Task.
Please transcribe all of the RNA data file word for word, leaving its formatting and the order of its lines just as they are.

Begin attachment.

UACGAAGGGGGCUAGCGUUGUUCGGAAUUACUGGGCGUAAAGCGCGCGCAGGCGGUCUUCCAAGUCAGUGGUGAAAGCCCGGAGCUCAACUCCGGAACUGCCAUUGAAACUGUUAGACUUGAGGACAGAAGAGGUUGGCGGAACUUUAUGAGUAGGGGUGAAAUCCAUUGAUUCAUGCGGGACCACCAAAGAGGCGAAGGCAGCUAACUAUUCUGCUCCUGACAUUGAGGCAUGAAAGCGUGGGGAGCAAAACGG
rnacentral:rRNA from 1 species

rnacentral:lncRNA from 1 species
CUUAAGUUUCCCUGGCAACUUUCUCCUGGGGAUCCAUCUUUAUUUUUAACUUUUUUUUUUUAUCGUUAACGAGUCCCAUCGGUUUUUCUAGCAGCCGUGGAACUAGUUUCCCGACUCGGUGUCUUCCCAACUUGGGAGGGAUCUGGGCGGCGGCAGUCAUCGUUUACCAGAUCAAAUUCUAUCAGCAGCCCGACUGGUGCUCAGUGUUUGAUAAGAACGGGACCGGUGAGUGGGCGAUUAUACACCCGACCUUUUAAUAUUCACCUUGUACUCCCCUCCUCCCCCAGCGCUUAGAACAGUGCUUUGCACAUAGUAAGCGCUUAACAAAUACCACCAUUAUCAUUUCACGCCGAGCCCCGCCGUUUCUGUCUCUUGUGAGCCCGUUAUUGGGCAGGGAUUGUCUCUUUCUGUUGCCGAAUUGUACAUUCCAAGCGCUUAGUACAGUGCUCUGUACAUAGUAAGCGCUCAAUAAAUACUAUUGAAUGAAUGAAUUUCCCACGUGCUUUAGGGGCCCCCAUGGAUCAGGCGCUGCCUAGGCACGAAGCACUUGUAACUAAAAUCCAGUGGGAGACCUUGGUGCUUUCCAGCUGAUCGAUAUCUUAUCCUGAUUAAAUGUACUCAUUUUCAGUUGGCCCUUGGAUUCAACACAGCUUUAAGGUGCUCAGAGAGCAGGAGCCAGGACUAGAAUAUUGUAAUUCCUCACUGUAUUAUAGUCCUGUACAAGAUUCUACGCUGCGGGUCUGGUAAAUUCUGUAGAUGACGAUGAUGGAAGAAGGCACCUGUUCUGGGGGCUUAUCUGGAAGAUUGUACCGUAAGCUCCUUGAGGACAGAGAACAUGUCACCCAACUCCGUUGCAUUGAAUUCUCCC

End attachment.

UACGAAGGGGGCUAGCGUUGUUCGGAAUUACUGGGCGUAAAGCGCGCGCAGGCGGUCUUCCAAGUCAGUGGUGAAAGCCCGGAGCUCAACUCCGGAACUGCCAUUGAAACUGUUAGACUUGAGGACAGAAGAGGUUGGCGGAACUUUAUGAGUAGGGGUGAAAUCCAUUGAUUCAUGCGGGACCACCAAAGAGGCGAAGGCAGCUAACUAUUCUGCUCCUGACAUUGAGGCAUGAAAGCGUGGGGAGCAAAACGG
rnacentral:rRNA from 1 species

rnacentral:lncRNA from 1 species
CUUAAGUUUCCCUGGCAACUUUCUCCUGGGGAUCCAUCUUUAUUUUUAACUUUUUUUUUUUAUCGUUAACGAGUCCCAUCGGUUUUUCUAGCAGCCGUGGAACUAGUUUCCCGACUCGGUGUCUUCCCAACUUGGGAGGGAUCUGGGCGGCGGCAGUCAUCGUUUACCAGAUCAAAUUCUAUCAGCAGCCCGACUGGUGCUCAGUGUUUGAUAAGAACGGGACCGGUGAGUGGGCGAUUAUACACCCGACCUUUUAAUAUUCACCUUGUACUCCCCUCCUCCCCCAGCGCUUAGAACAGUGCUUUGCACAUAGUAAGCGCUUAACAAAUACCACCAUUAUCAUUUCACGCCGAGCCCCGCCGUUUCUGUCUCUUGUGAGCCCGUUAUUGGGCAGGGAUUGUCUCUUUCUGUUGCCGAAUUGUACAUUCCAAGCGCUUAGUACAGUGCUCUGUACAUAGUAAGCGCUCAAUAAAUACUAUUGAAUGAAUGAAUUUCCCACGUGCUUUAGGGGCCCCCAUGGAUCAGGCGCUGCCUAGGCACGAAGCACUUGUAACUAAAAUCCAGUGGGAGACCUUGGUGCUUUCCAGCUGAUCGAUAUCUUAUCCUGAUUAAAUGUACUCAUUUUCAGUUGGCCCUUGGAUUCAACACAGCUUUAAGGUGCUCAGAGAGCAGGAGCCAGGACUAGAAUAUUGUAAUUCCUCACUGUAUUAUAGUCCUGUACAAGAUUCUACGCUGCGGGUCUGGUAAAUUCUGUAGAUGACGAUGAUGGAAGAAGGCACCUGUUCUGGGGGCUUAUCUGGAAGAUUGUACCGUAAGCUCCUUGAGGACAGAGAACAUGUCACCCAACUCCGUUGCAUUGAAUUCUCCC